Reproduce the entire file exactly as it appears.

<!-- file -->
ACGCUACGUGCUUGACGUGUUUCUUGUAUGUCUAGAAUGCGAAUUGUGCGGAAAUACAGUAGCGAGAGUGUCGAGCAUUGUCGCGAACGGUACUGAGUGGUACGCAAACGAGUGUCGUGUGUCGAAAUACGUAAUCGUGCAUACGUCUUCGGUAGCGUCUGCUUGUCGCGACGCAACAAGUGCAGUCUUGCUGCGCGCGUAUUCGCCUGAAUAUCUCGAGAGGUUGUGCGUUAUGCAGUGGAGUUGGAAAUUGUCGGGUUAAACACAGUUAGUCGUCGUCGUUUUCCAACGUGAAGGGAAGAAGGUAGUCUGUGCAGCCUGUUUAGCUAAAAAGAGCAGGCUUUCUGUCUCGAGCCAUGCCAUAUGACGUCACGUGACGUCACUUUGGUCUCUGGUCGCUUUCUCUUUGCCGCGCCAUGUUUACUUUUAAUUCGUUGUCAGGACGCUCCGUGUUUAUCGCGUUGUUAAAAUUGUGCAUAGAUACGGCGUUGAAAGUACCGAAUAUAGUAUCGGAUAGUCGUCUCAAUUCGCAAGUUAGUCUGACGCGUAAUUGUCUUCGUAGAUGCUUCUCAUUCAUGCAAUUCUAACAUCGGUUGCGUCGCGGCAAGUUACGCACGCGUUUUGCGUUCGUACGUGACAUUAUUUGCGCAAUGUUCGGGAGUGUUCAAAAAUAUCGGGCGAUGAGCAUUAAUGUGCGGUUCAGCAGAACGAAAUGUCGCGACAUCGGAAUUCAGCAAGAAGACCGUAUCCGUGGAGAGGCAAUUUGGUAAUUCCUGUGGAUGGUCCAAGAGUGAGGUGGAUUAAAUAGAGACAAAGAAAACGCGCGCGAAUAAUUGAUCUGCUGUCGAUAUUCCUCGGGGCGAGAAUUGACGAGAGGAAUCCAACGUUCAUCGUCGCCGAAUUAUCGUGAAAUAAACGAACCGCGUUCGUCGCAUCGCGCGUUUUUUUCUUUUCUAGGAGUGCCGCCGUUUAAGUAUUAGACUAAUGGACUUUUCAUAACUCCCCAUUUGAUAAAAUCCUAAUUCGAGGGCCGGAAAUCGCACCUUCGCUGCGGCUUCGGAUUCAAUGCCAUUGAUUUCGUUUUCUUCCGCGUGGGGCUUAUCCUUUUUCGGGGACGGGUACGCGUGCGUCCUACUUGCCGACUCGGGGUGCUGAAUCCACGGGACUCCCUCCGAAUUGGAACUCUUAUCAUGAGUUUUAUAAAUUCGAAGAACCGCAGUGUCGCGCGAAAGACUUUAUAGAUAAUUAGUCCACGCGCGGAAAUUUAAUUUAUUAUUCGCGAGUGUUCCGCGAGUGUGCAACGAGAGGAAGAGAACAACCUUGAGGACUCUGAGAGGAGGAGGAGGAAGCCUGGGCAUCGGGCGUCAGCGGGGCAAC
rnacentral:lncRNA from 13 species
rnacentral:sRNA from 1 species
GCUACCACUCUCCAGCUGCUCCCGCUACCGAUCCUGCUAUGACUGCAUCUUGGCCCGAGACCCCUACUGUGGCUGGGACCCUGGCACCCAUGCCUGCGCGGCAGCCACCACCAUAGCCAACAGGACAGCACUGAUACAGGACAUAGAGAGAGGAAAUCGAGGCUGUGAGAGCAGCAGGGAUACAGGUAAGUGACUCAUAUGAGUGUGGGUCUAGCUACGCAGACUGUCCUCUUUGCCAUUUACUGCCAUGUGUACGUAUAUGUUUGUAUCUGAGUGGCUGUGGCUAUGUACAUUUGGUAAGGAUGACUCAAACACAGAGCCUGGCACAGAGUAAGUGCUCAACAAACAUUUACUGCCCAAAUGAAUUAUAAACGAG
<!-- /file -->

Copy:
ACGCUACGUGCUUGACGUGUUUCUUGUAUGUCUAGAAUGCGAAUUGUGCGGAAAUACAGUAGCGAGAGUGUCGAGCAUUGUCGCGAACGGUACUGAGUGGUACGCAAACGAGUGUCGUGUGUCGAAAUACGUAAUCGUGCAUACGUCUUCGGUAGCGUCUGCUUGUCGCGACGCAACAAGUGCAGUCUUGCUGCGCGCGUAUUCGCCUGAAUAUCUCGAGAGGUUGUGCGUUAUGCAGUGGAGUUGGAAAUUGUCGGGUUAAACACAGUUAGUCGUCGUCGUUUUCCAACGUGAAGGGAAGAAGGUAGUCUGUGCAGCCUGUUUAGCUAAAAAGAGCAGGCUUUCUGUCUCGAGCCAUGCCAUAUGACGUCACGUGACGUCACUUUGGUCUCUGGUCGCUUUCUCUUUGCCGCGCCAUGUUUACUUUUAAUUCGUUGUCAGGACGCUCCGUGUUUAUCGCGUUGUUAAAAUUGUGCAUAGAUACGGCGUUGAAAGUACCGAAUAUAGUAUCGGAUAGUCGUCUCAAUUCGCAAGUUAGUCUGACGCGUAAUUGUCUUCGUAGAUGCUUCUCAUUCAUGCAAUUCUAACAUCGGUUGCGUCGCGGCAAGUUACGCACGCGUUUUGCGUUCGUACGUGACAUUAUUUGCGCAAUGUUCGGGAGUGUUCAAAAAUAUCGGGCGAUGAGCAUUAAUGUGCGGUUCAGCAGAACGAAAUGUCGCGACAUCGGAAUUCAGCAAGAAGACCGUAUCCGUGGAGAGGCAAUUUGGUAAUUCCUGUGGAUGGUCCAAGAGUGAGGUGGAUUAAAUAGAGACAAAGAAAACGCGCGCGAAUAAUUGAUCUGCUGUCGAUAUUCCUCGGGGCGAGAAUUGACGAGAGGAAUCCAACGUUCAUCGUCGCCGAAUUAUCGUGAAAUAAACGAACCGCGUUCGUCGCAUCGCGCGUUUUUUUCUUUUCUAGGAGUGCCGCCGUUUAAGUAUUAGACUAAUGGACUUUUCAUAACUCCCCAUUUGAUAAAAUCCUAAUUCGAGGGCCGGAAAUCGCACCUUCGCUGCGGCUUCGGAUUCAAUGCCAUUGAUUUCGUUUUCUUCCGCGUGGGGCUUAUCCUUUUUCGGGGACGGGUACGCGUGCGUCCUACUUGCCGACUCGGGGUGCUGAAUCCACGGGACUCCCUCCGAAUUGGAACUCUUAUCAUGAGUUUUAUAAAUUCGAAGAACCGCAGUGUCGCGCGAAAGACUUUAUAGAUAAUUAGUCCACGCGCGGAAAUUUAAUUUAUUAUUCGCGAGUGUUCCGCGAGUGUGCAACGAGAGGAAGAGAACAACCUUGAGGACUCUGAGAGGAGGAGGAGGAAGCCUGGGCAUCGGGCGUCAGCGGGGCAAC
rnacentral:lncRNA from 13 species
rnacentral:sRNA from 1 species
GCUACCACUCUCCAGCUGCUCCCGCUACCGAUCCUGCUAUGACUGCAUCUUGGCCCGAGACCCCUACUGUGGCUGGGACCCUGGCACCCAUGCCUGCGCGGCAGCCACCACCAUAGCCAACAGGACAGCACUGAUACAGGACAUAGAGAGAGGAAAUCGAGGCUGUGAGAGCAGCAGGGAUACAGGUAAGUGACUCAUAUGAGUGUGGGUCUAGCUACGCAGACUGUCCUCUUUGCCAUUUACUGCCAUGUGUACGUAUAUGUUUGUAUCUGAGUGGCUGUGGCUAUGUACAUUUGGUAAGGAUGACUCAAACACAGAGCCUGGCACAGAGUAAGUGCUCAACAAACAUUUACUGCCCAAAUGAAUUAUAAACGAG